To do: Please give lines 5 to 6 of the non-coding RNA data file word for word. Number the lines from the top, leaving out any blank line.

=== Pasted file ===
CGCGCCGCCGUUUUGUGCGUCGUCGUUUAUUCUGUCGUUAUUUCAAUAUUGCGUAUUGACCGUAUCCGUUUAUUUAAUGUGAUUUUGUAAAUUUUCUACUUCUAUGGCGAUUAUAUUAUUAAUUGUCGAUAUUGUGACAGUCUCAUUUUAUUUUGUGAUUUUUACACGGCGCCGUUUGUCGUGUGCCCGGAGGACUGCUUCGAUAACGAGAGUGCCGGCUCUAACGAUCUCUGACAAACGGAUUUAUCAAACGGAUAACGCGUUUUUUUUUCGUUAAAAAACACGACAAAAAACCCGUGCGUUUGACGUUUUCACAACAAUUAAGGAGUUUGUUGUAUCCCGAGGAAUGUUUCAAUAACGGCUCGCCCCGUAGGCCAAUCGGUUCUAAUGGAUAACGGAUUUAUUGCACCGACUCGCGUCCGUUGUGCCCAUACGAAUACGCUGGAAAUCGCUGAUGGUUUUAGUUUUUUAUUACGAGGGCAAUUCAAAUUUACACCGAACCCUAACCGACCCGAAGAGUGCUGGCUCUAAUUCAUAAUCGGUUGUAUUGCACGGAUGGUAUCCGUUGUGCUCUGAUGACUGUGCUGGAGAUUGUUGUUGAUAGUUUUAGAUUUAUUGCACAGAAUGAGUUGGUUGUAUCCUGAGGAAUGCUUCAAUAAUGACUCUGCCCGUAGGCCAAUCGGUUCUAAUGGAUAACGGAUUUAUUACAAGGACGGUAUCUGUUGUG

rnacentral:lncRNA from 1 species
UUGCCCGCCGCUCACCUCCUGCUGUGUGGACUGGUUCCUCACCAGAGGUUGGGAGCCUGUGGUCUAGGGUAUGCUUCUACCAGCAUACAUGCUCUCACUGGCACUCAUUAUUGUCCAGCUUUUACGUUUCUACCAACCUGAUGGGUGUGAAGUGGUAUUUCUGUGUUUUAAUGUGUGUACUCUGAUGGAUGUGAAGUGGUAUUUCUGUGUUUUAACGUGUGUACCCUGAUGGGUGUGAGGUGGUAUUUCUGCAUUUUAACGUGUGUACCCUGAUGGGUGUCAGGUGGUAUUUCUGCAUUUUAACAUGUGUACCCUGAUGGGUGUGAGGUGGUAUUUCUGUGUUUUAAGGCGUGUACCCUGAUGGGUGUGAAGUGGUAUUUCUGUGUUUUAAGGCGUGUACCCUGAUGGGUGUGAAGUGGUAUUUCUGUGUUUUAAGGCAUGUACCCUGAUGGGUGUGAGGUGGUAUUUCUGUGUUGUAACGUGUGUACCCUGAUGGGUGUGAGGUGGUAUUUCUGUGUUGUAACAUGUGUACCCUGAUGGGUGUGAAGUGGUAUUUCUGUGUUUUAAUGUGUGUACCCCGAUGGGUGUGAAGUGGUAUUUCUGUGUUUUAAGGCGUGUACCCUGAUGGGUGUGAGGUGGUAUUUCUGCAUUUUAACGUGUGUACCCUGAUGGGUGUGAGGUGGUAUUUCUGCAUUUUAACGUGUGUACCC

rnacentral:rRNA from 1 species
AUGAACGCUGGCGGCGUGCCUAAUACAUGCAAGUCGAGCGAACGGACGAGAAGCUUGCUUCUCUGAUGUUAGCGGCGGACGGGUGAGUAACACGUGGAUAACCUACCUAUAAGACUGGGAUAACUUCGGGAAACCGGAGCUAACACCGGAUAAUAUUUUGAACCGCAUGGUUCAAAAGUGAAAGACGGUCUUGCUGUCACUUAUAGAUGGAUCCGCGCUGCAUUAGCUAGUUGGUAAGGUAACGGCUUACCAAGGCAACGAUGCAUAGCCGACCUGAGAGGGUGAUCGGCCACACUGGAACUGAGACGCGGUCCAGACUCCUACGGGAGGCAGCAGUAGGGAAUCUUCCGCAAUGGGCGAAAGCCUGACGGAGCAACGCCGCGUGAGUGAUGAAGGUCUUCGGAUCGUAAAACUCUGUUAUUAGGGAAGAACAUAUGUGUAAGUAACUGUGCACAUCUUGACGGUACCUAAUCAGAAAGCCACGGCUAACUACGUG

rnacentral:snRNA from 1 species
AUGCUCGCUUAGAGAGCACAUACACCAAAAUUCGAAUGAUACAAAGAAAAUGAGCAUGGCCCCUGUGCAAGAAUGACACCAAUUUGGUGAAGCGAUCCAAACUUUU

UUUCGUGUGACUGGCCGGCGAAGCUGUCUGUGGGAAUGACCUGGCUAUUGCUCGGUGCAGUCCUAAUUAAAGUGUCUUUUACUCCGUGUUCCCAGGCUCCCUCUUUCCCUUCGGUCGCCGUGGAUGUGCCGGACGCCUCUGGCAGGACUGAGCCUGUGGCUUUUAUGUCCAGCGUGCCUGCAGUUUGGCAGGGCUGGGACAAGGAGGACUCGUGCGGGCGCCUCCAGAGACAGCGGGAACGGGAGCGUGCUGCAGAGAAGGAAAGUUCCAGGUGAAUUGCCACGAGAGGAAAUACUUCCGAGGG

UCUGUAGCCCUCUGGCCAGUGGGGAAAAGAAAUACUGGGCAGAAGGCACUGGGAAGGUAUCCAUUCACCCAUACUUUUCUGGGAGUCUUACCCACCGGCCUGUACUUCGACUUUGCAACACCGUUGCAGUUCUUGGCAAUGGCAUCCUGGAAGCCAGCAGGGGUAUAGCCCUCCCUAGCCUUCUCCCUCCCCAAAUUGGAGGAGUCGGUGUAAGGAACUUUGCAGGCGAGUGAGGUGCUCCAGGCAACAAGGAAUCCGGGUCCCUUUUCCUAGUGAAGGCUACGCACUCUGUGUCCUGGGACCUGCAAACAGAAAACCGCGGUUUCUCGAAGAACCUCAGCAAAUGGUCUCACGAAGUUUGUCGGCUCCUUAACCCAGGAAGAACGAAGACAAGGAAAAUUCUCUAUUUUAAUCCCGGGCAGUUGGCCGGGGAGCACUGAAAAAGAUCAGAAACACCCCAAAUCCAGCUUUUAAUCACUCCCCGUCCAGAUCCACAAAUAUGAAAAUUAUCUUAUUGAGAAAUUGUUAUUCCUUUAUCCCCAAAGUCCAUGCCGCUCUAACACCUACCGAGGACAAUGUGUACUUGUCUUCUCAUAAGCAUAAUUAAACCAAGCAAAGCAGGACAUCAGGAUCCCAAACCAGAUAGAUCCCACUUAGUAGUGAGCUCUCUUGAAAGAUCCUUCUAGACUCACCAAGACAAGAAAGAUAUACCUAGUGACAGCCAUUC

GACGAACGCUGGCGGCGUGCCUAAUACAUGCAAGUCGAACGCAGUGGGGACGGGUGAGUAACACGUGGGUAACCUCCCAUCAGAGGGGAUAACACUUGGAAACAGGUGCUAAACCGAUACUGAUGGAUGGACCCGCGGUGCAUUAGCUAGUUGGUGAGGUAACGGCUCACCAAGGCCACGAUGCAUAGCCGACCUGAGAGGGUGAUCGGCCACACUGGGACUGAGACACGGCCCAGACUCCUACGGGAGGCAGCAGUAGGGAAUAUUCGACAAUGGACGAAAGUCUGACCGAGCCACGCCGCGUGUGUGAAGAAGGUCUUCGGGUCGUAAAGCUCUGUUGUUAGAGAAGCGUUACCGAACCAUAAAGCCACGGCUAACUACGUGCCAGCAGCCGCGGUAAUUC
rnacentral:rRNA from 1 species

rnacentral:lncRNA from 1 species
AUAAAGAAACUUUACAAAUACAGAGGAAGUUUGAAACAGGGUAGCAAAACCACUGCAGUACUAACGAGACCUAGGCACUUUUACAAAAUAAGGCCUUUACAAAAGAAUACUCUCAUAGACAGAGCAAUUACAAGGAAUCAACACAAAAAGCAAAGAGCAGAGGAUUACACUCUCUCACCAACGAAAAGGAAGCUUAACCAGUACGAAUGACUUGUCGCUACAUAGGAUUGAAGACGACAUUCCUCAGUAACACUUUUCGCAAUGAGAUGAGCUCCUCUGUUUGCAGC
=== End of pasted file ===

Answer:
AUGAACGCUGGCGGCGUGCCUAAUACAUGCAAGUCGAGCGAACGGACGAGAAGCUUGCUUCUCUGAUGUUAGCGGCGGACGGGUGAGUAACACGUGGAUAACCUACCUAUAAGACUGGGAUAACUUCGGGAAACCGGAGCUAACACCGGAUAAUAUUUUGAACCGCAUGGUUCAAAAGUGAAAGACGGUCUUGCUGUCACUUAUAGAUGGAUCCGCGCUGCAUUAGCUAGUUGGUAAGGUAACGGCUUACCAAGGCAACGAUGCAUAGCCGACCUGAGAGGGUGAUCGGCCACACUGGAACUGAGACGCGGUCCAGACUCCUACGGGAGGCAGCAGUAGGGAAUCUUCCGCAAUGGGCGAAAGCCUGACGGAGCAACGCCGCGUGAGUGAUGAAGGUCUUCGGAUCGUAAAACUCUGUUAUUAGGGAAGAACAUAUGUGUAAGUAACUGUGCACAUCUUGACGGUACCUAAUCAGAAAGCCACGGCUAACUACGUG

rnacentral:snRNA from 1 species